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Teenage ‘owls’ could benefit from more targeted sleep interventions

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A new ‘person-centred’ analysis has revealed a range of teenage sleep pattern profiles, including some linked with adverse outcomes. The ‘more risky’ Late Owls and Variable Owls (later timing) profiles in particular could benefit from targeted sleep interventions, as they exhibited more sleep pattern variability. Variable sleeping has often been called ‘Yo-Yo sleeping’ or ‘Social jetlag’.” Early Larks, Larks and Intermediates may need less intensive support as they exhibited less variability and were more stable over time, tending only to transition to other healthy profiles.

Organisation/s: CQUniversity

Media Release

From: CQUniversity

A new ‘person-centred’ analysis has revealed a range of teenage sleep pattern profiles, including some linked with adverse outcomes.

The ‘more risky’ Late Owls and Variable Owls (later timing) profiles in particular could benefit from targeted sleep interventions, as they exhibited more sleep pattern variability. Variable sleeping has often been called ‘Yo-Yo sleeping’ or ‘Social jetlag’.”

Early Larks, Larks and Intermediates may need less intensive support as they exhibited less variability and were more stable over time, tending only to transition to other healthy profiles.

That’s according to CQUniversity Head of Paediatric Sleep Research, Professor Sarah Blunden, who was commenting in the lead up to World Sleep Day on 15 March.

“The worst outcomes are not only shorter sleep but also more variable sleep; for example greater variation in sleep timing between school and non-school nights, reflecting the school-week sleep debt,” she says.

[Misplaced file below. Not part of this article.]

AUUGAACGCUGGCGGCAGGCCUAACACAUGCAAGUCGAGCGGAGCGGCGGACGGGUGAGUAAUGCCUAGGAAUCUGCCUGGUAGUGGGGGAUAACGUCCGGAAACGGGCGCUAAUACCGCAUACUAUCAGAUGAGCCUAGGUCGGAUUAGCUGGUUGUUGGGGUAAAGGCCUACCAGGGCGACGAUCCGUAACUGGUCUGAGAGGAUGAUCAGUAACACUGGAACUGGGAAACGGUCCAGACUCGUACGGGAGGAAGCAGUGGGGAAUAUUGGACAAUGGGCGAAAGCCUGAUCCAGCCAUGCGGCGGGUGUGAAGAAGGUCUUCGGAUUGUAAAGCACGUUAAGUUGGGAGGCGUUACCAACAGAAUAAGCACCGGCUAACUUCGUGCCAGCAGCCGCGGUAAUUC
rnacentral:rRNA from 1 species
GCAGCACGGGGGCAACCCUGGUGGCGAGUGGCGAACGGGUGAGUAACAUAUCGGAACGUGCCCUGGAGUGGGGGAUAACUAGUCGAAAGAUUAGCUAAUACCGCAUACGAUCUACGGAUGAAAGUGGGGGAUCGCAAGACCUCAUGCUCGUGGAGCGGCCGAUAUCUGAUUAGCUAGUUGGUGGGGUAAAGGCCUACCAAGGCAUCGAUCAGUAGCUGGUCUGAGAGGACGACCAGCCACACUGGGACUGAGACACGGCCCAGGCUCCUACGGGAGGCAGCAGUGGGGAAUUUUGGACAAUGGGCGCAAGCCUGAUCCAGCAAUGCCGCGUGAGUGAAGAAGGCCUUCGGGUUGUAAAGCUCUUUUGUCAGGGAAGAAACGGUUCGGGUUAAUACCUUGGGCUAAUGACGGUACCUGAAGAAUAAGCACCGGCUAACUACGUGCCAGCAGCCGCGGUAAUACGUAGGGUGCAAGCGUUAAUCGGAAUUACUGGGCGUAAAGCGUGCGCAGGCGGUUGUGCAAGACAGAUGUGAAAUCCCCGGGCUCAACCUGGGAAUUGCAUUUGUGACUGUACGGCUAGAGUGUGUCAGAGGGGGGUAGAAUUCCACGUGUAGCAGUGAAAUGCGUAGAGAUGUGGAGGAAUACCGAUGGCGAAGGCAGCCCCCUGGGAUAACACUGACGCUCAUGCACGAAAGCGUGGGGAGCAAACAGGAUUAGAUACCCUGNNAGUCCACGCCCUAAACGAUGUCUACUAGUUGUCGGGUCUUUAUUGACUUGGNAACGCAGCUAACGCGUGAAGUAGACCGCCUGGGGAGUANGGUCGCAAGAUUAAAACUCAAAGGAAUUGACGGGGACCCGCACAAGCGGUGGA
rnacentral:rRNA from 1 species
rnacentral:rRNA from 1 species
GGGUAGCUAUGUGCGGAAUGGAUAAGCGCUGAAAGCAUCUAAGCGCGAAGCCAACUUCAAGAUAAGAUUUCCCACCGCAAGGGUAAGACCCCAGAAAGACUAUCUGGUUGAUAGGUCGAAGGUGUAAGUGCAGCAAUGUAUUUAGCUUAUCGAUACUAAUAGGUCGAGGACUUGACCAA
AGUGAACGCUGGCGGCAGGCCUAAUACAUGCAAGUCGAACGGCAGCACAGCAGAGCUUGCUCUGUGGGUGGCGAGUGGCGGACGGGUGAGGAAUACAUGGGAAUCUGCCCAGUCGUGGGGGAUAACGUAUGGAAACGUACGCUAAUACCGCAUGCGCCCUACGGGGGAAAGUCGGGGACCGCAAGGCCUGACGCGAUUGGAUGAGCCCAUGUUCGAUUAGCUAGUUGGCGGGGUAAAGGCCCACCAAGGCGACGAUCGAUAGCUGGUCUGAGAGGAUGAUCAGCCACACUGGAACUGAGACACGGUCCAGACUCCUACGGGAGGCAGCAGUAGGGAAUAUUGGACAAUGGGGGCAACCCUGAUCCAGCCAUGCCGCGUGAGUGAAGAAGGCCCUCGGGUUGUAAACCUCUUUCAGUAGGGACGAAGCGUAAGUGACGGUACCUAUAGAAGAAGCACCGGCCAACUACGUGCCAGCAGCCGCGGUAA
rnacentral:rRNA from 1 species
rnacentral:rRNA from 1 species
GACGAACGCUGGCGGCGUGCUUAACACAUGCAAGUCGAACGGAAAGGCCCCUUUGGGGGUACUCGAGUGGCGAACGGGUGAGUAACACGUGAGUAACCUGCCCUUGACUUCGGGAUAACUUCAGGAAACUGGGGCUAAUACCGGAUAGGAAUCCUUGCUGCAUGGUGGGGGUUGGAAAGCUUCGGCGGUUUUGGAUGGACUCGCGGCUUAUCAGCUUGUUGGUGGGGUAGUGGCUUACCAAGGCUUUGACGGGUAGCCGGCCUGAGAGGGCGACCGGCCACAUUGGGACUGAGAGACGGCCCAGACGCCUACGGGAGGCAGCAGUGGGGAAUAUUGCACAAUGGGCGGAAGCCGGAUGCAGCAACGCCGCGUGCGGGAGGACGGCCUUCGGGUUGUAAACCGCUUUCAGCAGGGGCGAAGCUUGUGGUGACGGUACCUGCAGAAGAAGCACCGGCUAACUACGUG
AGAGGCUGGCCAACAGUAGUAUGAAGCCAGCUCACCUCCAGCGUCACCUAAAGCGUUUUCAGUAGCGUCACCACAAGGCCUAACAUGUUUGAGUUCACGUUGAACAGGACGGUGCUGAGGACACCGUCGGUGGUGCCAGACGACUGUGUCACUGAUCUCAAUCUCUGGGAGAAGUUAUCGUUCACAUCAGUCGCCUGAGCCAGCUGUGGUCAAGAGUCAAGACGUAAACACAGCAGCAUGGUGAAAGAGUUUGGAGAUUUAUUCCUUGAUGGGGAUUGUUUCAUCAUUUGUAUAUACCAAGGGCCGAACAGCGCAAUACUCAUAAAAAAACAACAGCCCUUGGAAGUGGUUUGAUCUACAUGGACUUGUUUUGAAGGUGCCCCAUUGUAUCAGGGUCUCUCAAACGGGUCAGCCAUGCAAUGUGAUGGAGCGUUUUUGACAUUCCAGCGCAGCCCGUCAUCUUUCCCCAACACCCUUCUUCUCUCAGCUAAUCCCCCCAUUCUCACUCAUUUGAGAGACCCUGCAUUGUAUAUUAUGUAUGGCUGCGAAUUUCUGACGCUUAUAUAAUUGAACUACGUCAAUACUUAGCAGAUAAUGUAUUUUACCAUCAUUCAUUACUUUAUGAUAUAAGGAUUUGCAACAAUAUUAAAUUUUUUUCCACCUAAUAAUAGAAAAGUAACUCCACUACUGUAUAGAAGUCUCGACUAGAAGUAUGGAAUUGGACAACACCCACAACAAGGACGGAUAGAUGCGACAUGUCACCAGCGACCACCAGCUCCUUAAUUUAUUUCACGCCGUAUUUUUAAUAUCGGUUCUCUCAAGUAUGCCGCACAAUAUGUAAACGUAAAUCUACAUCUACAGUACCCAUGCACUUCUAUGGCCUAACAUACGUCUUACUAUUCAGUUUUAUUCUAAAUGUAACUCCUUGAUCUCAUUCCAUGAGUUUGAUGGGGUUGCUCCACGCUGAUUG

“Changes in sleep timing have important implications for functioning and well-being and are linked with adverse outcomes such as obesity, poorer academic performance, and mood disturbances.”

“Because this is essentially behavioural and therefore modifiable, tailored and targeted interventions have the potential to make a difference.”

Writing in the Behavioural Sleep Medicine Journal, Professor Blunden noted that few of the adolescents with ‘less healthy’ profiles managed to transition to a healthier profile.

She said the less healthy sleep profiles were also predicted by factors including later pubertal stage, being male, higher BMI, poor physical health, geographic remoteness, and greater social disadvantage.

Transitions between profiles over time were also predicted by screen time, BMIs and health-related quality of life (HRQoL).

Professor Blunden has previously noted that poor sleep health may be a significant and, to date, poorly addressed factor that should be considered within the discourse around ‘closing the gap’ in the health and wellbeing of Indigenous children and young people.

“Short sleep, early wake times and variable sleep have been associated with poorer school performance among Australian Indigenous children,” she says.

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